The annual J.P. Morgan Healthcare Conference in San Francisco is designed to kick-start the year for the biotech industry. This year it provided more of a nudge.
Dozens of biotech start-ups announced raising series A or follow-on financings, especially in the fields of immuno-oncology and DNA sequencing. But by and large, this year’s meeting was noteworthy for its dearth of big announcements.
The largest deals revealed shortly before and during the meeting barely broke $1 billion. Incyte agreed to buy a CD19-targeted antibody for blood cancers from MorphoSys for $900 million. And Eli Lilly and Company announced it would pay $1.1 billion to acquire Dermira and its experimental dermatitis antibody lebrikizumab.
“What happens at JPM sets the tone for the biotech sector,” said Kinam Hong of Sofinnova Partners, a life sciences–focused venture capital firm.
But perhaps the lull was only temporary as corporate cash went to pay for sky-high San Francisco hotel prices. A report released during the meeting by the consulting firm EY said life sciences dealmaking reached an “unprecedented” $357 billion in 2019. That sum was supported by megadeals including Bristol-Myers Squibb’s acquisition of Celgene and AbbVie’s purchase of Allergan.
And Mitchell Gold, founder of Alpine BioVentures, still expects 2020 to be a big year for consolidation. “J.P. Morgan is not some line in the sand that you need to get deals done by,” he said. The combination of big pharma’s cash stash and the burst of innovation by biotech firms could mean more acquisitions throughout 2020, he added.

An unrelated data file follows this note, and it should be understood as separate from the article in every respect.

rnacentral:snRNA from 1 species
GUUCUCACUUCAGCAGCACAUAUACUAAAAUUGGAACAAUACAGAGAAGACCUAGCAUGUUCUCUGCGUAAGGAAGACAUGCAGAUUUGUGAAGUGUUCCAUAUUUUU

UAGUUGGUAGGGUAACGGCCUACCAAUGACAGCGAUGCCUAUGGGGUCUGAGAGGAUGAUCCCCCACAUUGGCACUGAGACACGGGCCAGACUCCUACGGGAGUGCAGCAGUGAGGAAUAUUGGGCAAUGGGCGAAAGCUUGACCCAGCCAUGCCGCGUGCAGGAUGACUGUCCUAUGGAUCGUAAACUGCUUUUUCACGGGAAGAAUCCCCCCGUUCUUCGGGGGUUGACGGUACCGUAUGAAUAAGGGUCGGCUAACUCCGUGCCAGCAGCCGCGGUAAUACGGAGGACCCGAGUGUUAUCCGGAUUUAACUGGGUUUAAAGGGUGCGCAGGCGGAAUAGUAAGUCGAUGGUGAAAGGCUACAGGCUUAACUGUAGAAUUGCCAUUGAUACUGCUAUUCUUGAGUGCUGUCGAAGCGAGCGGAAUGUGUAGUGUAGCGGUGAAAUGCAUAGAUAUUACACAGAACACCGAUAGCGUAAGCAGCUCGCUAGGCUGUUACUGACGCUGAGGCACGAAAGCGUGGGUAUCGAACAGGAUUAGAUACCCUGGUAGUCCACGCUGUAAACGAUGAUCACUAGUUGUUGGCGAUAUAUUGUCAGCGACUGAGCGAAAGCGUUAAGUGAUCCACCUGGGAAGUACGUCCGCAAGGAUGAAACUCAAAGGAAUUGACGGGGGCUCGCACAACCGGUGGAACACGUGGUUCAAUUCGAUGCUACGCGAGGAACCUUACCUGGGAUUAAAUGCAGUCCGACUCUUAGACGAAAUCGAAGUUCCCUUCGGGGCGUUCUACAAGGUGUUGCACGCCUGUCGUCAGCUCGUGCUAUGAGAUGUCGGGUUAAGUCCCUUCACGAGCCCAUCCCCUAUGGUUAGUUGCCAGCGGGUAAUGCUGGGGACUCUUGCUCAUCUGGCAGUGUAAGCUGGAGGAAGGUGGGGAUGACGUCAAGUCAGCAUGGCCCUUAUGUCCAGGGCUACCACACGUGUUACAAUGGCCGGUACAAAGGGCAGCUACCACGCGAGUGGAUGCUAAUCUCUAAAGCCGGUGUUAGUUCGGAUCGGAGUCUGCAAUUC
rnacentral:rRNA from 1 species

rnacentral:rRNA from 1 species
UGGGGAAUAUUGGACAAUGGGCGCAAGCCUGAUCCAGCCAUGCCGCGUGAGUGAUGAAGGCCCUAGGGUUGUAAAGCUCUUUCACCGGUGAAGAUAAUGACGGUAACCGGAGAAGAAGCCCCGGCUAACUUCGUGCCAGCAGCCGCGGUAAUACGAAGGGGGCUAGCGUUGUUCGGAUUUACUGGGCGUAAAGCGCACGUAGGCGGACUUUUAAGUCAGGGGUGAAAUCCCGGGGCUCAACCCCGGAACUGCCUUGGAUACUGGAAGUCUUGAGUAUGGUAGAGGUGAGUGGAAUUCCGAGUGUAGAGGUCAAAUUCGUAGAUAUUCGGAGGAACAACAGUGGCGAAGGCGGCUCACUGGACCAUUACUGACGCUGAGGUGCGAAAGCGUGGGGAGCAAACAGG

In fact, biotech acquisition activity in the $2 billion–$10 billion range “has never been stronger,” according to a report that PwC released during the meeting. Such bolt-on deals will likely remain popular in 2020, the report adds.
Biotech and pharma leaders at the meeting said they expect immuno-oncology, cell therapy, and gene therapy to continue to be hot in 2020, as they have been for the past 2 years.
“The cell and gene therapy space is just starting to take off,” explained Andrew Plump, president of R&D at Takeda Pharmaceutical. Plump has expanded Takeda’s interest in cell therapy through biotech and academic partnerships and in gene therapy through its $62 billion acquisition of Shire a year ago. Takeda is looking to strike more deals in gene therapy, particularly to improve and expand on the viral and nonviral vectors used to deliver genes.
Another area ripe for investment is therapies that target neurological niches, such as rare, genetically driven neurodegenerative diseases. “Keep an eye on neuroscience,” said Michael Ehlers, chief scientific officer of Apple Tree Partners and former head of R&D at Biogen. “I think it is the next oncology.”
Pharma leaders are also keeping an eye on artificial intelligence. “We are seeing more companies come forward with AI approaches to drug discovery and development,” said Rupert Vessey, president of research and early development at BMS. “I think it can be incredibly valuable when applied in the right circumstances.”
Although “push-button” drug discovery is still a long ways off, the next few years could validate AI as a tool for drug discovery, said Pearl Huang, a venture partner at Flagship Pioneering and CEO of Cygnal Therapeutics. “Any AI or computational effort needs good data. Good data comes from doing good biology,” she said.
Clive Wood, the global head of discovery and research at Boehringer Ingelheim, said AI is overhyped, but he does see opportunities, especially for medicinal chemistry. Wood is particularly excited about applying computational tools to new small-molecule modalities like targeted protein degraders. “The past 2 decades have been the decades of biologics,” he said. “I think we’re entering a new era for small molecules.”
This article was updated on Feb. 4, 2020, to include a bonus podcast and its script about the J.P. Morgan Healthcare Conference.